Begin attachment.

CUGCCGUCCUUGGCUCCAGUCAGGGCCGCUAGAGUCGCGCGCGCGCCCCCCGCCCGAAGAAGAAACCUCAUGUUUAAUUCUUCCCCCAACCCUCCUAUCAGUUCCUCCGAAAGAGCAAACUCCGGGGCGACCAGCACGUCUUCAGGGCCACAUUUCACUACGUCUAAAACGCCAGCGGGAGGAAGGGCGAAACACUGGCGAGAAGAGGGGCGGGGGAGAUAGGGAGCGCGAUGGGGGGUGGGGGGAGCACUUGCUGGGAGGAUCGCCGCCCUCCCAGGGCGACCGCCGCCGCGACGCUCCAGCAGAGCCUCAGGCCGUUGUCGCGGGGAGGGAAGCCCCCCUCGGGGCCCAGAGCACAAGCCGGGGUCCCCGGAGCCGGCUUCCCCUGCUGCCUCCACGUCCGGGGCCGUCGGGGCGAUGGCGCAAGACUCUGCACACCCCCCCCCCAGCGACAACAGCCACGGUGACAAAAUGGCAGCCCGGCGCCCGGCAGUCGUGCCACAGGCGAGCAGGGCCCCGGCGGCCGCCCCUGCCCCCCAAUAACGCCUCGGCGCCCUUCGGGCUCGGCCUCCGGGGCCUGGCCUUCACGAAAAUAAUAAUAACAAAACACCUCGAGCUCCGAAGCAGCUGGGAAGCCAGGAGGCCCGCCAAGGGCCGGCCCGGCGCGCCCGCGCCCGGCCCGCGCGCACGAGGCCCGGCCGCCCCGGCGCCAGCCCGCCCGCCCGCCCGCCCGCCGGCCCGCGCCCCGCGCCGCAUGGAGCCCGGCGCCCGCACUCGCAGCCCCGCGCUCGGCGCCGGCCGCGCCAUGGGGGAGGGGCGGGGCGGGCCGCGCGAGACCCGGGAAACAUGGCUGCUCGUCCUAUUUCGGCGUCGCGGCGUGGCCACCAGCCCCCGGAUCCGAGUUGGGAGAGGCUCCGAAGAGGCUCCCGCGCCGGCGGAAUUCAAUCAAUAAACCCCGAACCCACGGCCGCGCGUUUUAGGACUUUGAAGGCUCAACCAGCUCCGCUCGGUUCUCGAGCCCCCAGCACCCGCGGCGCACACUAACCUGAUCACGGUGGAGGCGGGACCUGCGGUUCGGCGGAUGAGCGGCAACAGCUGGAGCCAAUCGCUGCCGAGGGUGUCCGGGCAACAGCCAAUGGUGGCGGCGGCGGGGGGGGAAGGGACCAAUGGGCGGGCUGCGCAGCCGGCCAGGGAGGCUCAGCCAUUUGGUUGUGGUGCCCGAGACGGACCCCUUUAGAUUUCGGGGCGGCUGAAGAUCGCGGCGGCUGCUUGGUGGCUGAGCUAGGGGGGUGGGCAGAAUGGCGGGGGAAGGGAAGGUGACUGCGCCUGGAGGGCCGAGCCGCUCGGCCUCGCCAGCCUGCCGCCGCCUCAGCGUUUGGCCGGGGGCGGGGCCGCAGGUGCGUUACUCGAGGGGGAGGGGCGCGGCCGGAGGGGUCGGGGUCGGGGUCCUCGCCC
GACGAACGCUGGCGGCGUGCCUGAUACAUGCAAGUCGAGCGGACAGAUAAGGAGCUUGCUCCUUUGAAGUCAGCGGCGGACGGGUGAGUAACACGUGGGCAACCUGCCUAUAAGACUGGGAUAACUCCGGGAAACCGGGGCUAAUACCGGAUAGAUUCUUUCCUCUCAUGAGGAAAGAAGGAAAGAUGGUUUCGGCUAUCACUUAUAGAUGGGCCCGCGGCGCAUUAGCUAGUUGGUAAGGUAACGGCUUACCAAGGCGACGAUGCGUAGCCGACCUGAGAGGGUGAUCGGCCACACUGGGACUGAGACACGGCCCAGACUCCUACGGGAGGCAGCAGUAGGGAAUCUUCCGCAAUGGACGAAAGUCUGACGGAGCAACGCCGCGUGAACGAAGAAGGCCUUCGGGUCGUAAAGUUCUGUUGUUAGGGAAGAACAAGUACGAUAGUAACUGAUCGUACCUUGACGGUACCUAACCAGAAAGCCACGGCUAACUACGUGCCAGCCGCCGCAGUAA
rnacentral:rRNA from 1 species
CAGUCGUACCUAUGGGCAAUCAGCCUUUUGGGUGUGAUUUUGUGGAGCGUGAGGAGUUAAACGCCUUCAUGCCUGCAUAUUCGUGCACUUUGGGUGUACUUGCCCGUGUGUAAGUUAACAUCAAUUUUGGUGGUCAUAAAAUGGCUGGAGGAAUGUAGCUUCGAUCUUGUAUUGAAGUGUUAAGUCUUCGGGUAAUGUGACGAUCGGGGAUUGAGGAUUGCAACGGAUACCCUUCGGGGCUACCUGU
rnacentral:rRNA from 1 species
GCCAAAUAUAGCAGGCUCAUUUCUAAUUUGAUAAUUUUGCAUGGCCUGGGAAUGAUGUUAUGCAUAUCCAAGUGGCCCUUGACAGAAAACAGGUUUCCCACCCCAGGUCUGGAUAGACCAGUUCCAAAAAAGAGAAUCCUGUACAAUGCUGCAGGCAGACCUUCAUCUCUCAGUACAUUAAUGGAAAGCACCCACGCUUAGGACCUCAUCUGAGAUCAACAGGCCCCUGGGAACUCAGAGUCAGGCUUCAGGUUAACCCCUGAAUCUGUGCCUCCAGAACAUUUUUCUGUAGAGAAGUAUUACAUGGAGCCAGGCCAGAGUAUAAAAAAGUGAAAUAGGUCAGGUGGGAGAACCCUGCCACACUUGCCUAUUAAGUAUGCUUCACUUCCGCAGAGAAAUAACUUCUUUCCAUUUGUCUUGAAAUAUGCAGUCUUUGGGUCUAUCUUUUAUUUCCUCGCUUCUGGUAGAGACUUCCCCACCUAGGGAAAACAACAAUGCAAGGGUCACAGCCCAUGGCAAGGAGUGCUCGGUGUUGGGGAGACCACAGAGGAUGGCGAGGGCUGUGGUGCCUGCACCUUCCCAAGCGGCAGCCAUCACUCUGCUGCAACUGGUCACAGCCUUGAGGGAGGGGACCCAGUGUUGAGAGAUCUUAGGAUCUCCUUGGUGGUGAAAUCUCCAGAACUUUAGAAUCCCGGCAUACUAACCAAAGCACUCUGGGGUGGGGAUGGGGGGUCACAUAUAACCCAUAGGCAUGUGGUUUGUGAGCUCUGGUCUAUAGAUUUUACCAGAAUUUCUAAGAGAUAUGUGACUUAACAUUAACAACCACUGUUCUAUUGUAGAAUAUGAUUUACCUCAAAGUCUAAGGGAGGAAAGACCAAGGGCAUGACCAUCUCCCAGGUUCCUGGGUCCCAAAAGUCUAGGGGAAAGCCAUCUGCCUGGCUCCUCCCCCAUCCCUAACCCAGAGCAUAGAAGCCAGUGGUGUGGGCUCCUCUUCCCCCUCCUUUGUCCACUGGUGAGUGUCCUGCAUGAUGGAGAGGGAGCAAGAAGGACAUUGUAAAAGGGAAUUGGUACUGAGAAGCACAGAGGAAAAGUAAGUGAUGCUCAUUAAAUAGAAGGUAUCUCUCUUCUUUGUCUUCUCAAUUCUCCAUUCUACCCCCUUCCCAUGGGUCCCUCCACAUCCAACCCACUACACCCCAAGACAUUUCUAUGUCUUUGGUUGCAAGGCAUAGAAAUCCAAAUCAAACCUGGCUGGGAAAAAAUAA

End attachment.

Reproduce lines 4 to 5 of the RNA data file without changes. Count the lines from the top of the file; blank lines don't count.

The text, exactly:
CAGUCGUACCUAUGGGCAAUCAGCCUUUUGGGUGUGAUUUUGUGGAGCGUGAGGAGUUAAACGCCUUCAUGCCUGCAUAUUCGUGCACUUUGGGUGUACUUGCCCGUGUGUAAGUUAACAUCAAUUUUGGUGGUCAUAAAAUGGCUGGAGGAAUGUAGCUUCGAUCUUGUAUUGAAGUGUUAAGUCUUCGGGUAAUGUGACGAUCGGGGAUUGAGGAUUGCAACGGAUACCCUUCGGGGCUACCUGU
rnacentral:rRNA from 1 species